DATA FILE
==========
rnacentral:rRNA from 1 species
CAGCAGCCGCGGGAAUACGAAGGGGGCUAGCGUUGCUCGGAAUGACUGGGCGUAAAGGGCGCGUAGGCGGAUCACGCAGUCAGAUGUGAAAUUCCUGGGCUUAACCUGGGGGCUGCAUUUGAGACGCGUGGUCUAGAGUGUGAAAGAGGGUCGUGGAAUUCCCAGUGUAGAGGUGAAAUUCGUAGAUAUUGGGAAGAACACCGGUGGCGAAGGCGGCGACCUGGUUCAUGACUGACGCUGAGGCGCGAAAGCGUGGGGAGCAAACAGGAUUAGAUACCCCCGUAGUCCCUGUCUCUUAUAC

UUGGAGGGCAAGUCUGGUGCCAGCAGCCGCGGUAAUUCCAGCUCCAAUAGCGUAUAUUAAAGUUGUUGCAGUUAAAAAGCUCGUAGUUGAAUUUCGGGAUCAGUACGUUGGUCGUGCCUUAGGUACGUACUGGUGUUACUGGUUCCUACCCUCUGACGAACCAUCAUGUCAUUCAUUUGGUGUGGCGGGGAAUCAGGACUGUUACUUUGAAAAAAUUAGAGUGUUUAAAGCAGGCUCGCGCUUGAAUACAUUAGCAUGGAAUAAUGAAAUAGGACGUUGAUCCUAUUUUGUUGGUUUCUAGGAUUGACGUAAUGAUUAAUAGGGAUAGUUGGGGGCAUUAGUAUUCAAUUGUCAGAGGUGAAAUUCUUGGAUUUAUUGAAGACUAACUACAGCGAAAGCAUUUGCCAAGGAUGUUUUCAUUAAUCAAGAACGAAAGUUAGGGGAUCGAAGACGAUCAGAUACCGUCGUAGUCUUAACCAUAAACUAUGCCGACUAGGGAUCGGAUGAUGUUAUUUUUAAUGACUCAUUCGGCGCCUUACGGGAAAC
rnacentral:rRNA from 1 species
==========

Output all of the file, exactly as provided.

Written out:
rnacentral:rRNA from 1 species
CAGCAGCCGCGGGAAUACGAAGGGGGCUAGCGUUGCUCGGAAUGACUGGGCGUAAAGGGCGCGUAGGCGGAUCACGCAGUCAGAUGUGAAAUUCCUGGGCUUAACCUGGGGGCUGCAUUUGAGACGCGUGGUCUAGAGUGUGAAAGAGGGUCGUGGAAUUCCCAGUGUAGAGGUGAAAUUCGUAGAUAUUGGGAAGAACACCGGUGGCGAAGGCGGCGACCUGGUUCAUGACUGACGCUGAGGCGCGAAAGCGUGGGGAGCAAACAGGAUUAGAUACCCCCGUAGUCCCUGUCUCUUAUAC

UUGGAGGGCAAGUCUGGUGCCAGCAGCCGCGGUAAUUCCAGCUCCAAUAGCGUAUAUUAAAGUUGUUGCAGUUAAAAAGCUCGUAGUUGAAUUUCGGGAUCAGUACGUUGGUCGUGCCUUAGGUACGUACUGGUGUUACUGGUUCCUACCCUCUGACGAACCAUCAUGUCAUUCAUUUGGUGUGGCGGGGAAUCAGGACUGUUACUUUGAAAAAAUUAGAGUGUUUAAAGCAGGCUCGCGCUUGAAUACAUUAGCAUGGAAUAAUGAAAUAGGACGUUGAUCCUAUUUUGUUGGUUUCUAGGAUUGACGUAAUGAUUAAUAGGGAUAGUUGGGGGCAUUAGUAUUCAAUUGUCAGAGGUGAAAUUCUUGGAUUUAUUGAAGACUAACUACAGCGAAAGCAUUUGCCAAGGAUGUUUUCAUUAAUCAAGAACGAAAGUUAGGGGAUCGAAGACGAUCAGAUACCGUCGUAGUCUUAACCAUAAACUAUGCCGACUAGGGAUCGGAUGAUGUUAUUUUUAAUGACUCAUUCGGCGCCUUACGGGAAAC
rnacentral:rRNA from 1 species